A Call for Evangelical Reforms in Colonial Peru
Chapter 3—Intertextuality: Tracing DPI’s Geneology of Discourse
← 58 | 59 → CHAPTER 3
INTERTEXTUALITY: TRACING DPI’S GENEOLOGY OF DISCOURSE
The prologue often reveals the author's intentions for writing a text, as well as specific contextual situations that motivate his attention to specific problems. Acosta's prologue also revealed several strategies that he used to legitimize and authorize his positions and solutions. His missionary manual unifies a broad array of themes that had received varying degrees of scholarly attention in both the immediate and remote past. De Procuranda Indorum Salute contains an intersection of different discourses employed by Acosta to rebut the opposition and defend his methods for the evangelization in Peru.55 In addition to the discourses employed, DPI also assimilated structures already empowered by earlier canonical texts. Though Acosta's text is didactic in appellation, the list of textual descendants goes well beyond the specific genre of the manual. The different discourses of philosophy, theology, history, ethnology, and political theory flow through DPI in an attempt to synthesize an approach to the Christianization of Native Americans. It also incorporates the structures of the philosophical treatise, the instructional manual, and the catechism into its six books. The text does not explicitly trace the pedigree of Renaissance European thinking regarding the nature of the Amerindians, evangelization of pagans, and the role of the converted Indian within the Church; however, many discourses and structures used to treat similar philosophical and evangelical problems intersect in the fabric of DPI to address “new” American issues. In writing DPI, Acosta deploys these discourses...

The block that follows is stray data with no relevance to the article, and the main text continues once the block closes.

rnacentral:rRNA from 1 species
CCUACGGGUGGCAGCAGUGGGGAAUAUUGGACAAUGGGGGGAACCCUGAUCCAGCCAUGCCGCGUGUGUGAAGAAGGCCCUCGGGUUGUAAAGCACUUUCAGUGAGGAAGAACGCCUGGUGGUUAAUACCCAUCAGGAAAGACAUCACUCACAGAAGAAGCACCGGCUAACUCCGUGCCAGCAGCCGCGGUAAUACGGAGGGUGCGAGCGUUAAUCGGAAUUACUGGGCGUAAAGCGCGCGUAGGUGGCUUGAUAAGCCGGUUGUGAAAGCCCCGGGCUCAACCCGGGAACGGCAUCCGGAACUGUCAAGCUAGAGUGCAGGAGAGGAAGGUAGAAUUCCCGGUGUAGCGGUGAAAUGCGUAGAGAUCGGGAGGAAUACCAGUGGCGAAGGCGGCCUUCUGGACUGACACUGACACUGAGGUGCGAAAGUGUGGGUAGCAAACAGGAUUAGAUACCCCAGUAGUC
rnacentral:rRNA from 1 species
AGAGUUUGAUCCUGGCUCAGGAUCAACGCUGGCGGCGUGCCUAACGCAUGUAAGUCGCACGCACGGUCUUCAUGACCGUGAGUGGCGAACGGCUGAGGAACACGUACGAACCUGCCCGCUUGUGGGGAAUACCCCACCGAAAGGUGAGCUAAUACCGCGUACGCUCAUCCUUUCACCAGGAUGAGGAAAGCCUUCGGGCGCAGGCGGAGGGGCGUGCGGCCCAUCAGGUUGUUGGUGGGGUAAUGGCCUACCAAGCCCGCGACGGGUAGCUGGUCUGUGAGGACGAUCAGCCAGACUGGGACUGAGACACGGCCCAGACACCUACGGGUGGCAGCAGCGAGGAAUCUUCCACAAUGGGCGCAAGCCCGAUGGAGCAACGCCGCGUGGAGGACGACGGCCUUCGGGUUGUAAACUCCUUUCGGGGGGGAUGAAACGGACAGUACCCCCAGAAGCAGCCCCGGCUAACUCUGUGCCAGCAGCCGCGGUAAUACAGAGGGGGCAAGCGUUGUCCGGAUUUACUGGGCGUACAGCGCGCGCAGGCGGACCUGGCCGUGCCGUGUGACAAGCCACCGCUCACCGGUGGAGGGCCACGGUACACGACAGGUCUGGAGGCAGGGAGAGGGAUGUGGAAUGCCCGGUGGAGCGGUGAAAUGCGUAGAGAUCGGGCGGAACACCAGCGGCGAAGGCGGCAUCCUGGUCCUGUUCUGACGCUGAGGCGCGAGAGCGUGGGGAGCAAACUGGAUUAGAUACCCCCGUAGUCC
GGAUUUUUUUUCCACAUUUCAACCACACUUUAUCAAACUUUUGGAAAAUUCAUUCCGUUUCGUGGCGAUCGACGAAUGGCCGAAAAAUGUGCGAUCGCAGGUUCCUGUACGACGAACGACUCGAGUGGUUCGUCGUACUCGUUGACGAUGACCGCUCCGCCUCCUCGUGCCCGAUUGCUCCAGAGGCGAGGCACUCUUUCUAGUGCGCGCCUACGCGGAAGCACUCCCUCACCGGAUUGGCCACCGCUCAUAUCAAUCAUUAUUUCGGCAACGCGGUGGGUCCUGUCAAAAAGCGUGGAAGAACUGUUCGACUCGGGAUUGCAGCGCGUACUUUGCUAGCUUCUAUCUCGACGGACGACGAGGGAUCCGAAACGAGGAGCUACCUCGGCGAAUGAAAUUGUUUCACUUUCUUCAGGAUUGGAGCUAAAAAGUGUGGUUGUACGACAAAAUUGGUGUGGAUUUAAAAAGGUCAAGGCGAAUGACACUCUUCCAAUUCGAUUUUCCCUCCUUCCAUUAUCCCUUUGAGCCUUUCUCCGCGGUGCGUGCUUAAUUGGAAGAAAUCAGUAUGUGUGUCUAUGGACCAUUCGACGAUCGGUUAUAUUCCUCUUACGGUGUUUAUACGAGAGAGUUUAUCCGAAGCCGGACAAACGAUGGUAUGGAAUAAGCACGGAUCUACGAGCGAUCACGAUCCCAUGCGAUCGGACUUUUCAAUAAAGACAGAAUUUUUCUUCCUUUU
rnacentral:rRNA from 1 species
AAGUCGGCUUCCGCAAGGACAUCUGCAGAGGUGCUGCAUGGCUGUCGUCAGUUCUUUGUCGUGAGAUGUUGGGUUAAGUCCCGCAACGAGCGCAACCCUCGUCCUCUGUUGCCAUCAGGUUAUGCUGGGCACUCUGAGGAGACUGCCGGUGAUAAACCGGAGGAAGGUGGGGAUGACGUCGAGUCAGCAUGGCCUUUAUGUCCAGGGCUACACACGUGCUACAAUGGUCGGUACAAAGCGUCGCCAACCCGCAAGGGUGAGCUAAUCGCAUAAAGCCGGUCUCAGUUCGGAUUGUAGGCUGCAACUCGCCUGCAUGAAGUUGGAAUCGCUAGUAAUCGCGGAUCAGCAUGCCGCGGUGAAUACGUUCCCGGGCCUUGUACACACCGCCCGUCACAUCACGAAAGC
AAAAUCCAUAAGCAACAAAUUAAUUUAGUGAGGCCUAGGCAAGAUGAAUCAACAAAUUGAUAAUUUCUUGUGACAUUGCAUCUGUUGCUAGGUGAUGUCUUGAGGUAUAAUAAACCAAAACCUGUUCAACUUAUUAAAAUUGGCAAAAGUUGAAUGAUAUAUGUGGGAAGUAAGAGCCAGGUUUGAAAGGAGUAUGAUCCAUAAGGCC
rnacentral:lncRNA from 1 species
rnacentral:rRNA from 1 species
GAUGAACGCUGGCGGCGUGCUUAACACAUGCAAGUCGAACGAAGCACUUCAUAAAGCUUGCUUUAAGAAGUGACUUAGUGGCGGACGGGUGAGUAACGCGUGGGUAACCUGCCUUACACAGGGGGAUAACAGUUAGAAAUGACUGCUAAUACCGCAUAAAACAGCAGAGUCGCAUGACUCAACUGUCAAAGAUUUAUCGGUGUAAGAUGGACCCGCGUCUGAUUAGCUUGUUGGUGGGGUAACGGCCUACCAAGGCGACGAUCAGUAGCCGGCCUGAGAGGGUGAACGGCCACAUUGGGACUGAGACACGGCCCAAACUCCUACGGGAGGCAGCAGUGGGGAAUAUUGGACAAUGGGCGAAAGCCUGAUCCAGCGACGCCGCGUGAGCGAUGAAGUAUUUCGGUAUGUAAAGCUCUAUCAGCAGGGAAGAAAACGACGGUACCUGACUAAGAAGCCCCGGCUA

You are not authenticated to view the full text of this chapter or article.
This site requires a subscription or purchase to access the full text of books or journals.
Do you have any questions? Contact us.Or login to access all content.